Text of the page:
Medicare Covers Diabetes

What Does Medicare Cover for Diabetes?

Medicare Part B covers screenings, tests, supplies, and prescription drugs to treat and control Diabetes.

Typically, Medicare pays for 100% of the following related to high blood pressure, high blood sugar, and more:

  • Annual eye exam for diabetic retinopathy
  • Annual glaucoma screening
  • Diabetic screening
  • Hemoglobin A1c testing
  • Certain diabetic blood screenings
  • Diabetes self-management training (DSMT)
  • Foot exam (6-month intervals) for diabetic peripheral neuropathy
  • Medical nutrition therapy

Also, Medicare Part B usually covers 80% of the following, depending on whether or not you use insulin:

  • Blood glucose monitors (with a doctor's prescription)
  • Testing supplies like lancets, lancet devices, diabetic test strips, etc.
  • Therapeutic shoes and inserts (based upon certain conditions)
  • Medically necessary external insulin pump & pump supplies (including insulin)

Depending on your plan, Medicare Part D (prescription drug insurance) typically covers 80% of the cost of:

  • Many types of oral diabetes medications
  • Insulin
  • Anti-diabetic drugs
  • Diabetes supplies such as syringes, needles, alcohol swabs, gauze, inhaled insulin devices

Check with your plan to find out if or how your medications are covered.

How to Get Medicare Diabetes Coverage?

There are two ways you can receive Medicare Diabetes coverage. Enroll in either:

  • Original Medicare Part B – This is the health insurance portion of Medicare. It covers doctor's visits, medical services, and more. While most people do not pay a monthly premium for Medicare Part A (hospitalization), they typically pay $144.60 per month for Medicare Part B. If you enrolled in Medicare Part D (prescription drug coverage) and a Medicare supplement, they usually cover more of the expenses that Medicare Part B does not (like copays or coinsurance).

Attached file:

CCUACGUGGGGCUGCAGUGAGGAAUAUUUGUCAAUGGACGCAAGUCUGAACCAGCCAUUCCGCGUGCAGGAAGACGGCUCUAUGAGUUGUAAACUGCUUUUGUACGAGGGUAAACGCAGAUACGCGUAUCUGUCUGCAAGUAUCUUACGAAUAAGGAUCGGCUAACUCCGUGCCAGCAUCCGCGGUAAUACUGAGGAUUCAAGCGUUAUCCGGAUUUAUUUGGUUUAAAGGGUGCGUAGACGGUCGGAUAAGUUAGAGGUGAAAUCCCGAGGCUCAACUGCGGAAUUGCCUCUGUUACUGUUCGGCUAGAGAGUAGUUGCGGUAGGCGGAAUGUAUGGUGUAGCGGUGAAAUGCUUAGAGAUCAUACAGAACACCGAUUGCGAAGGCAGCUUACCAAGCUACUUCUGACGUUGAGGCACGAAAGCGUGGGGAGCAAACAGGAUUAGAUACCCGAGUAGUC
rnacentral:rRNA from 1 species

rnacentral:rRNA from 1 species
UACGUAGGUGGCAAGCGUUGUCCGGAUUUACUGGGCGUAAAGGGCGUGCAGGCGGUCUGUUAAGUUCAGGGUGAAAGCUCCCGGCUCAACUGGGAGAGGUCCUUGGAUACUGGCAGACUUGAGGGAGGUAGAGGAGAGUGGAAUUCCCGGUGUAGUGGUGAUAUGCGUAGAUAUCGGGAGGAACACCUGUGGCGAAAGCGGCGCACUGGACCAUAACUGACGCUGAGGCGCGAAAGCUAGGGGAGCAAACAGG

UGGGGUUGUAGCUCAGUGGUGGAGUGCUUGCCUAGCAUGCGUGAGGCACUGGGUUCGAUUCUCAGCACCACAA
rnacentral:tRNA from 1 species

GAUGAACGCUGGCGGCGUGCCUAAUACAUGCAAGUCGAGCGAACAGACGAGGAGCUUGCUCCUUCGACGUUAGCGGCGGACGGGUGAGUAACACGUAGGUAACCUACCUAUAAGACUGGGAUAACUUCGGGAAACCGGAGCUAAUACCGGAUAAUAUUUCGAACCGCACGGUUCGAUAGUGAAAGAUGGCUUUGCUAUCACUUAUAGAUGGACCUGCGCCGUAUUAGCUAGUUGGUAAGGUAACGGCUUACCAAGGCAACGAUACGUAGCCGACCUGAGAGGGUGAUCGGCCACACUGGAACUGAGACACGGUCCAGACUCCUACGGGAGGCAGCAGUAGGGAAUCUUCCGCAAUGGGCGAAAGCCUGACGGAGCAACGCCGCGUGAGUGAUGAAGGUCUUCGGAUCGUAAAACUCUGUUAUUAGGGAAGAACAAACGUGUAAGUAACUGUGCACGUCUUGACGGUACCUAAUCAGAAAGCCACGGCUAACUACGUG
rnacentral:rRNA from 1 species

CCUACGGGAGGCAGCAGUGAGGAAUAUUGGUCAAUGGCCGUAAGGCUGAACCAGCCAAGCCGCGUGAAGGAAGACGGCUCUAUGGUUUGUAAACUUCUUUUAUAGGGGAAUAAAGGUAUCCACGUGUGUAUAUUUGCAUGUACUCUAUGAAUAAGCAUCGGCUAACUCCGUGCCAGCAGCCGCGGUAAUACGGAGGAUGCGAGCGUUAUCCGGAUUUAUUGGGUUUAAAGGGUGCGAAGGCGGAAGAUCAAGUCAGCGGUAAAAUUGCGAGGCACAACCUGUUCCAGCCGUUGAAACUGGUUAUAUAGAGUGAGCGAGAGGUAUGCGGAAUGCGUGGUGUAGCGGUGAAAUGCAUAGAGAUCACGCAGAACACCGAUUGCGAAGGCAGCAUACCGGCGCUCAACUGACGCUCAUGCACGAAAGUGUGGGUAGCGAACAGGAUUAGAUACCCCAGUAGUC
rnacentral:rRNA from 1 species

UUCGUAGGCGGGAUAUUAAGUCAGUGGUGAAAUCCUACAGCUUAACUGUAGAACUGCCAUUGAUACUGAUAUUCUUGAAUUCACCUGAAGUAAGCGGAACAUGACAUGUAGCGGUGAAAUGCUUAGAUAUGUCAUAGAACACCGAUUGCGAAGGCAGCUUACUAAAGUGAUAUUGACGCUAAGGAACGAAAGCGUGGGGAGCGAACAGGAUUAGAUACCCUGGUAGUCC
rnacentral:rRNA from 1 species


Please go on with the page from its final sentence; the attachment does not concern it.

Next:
• Medicare Advantage (Part C) – Medicare Advantage, also known as Medicare Part C, is Medicare-approved coverage administered by private insurers. Medicare Advantage plans "bundle" Medicare Part A and Part B, and often Part D, into a single plan. Often Medicare Advantage provides additional coverage and a $0 per month premium. You must be enrolled in Medicare Part A and Part B and pay the monthly premium to get a Medicare Advantage plan.

Note: If you live in Massachusetts, Minnesota, or Wisconsin, your Medicare supplement policy may be a bit different. Check with your insurer to find out how they cover Diabetes-related care.

How Much Will I Pay for Medicare Diabetes Coverage?

Even with Medicare Part B and Part D, you will pay an annual deductible and 20% of most of your diabetic services, drugs, and supplies.

Therefore, most diabetic patients choose to add a Medicare supplement to reduce out-of-pocket costs. Although you would pay an additional premium for a supplement plan, it will save you more in the long run because of monthly supplies, testing, and treatment.

Alternatively, you can join a Medicare Advantage plan that would also reduce your out of pocket expenses. Medicare Advantage is a popular Medicare-approved substitute that provides comprehensive health insurance through a private insurer. To qualify for Medicare Advantage, you must be enrolled in Medicare Part A and Part B. You can sign up for it during your Initial Enrollment Period, the Annual Enrollment Period, or the Medicare Advantage Open Enrollment Period. Some Medicare Advantage plans have $0 monthly premium.

AARDY Can Help

AARDY is the nation's fastest Medicare insurance marketplace. We can help you find the best Medicare plan to cover Diabetes.

You can compare Medicare supplements and Medicare Advantage plans to find the one that best fits your needs.

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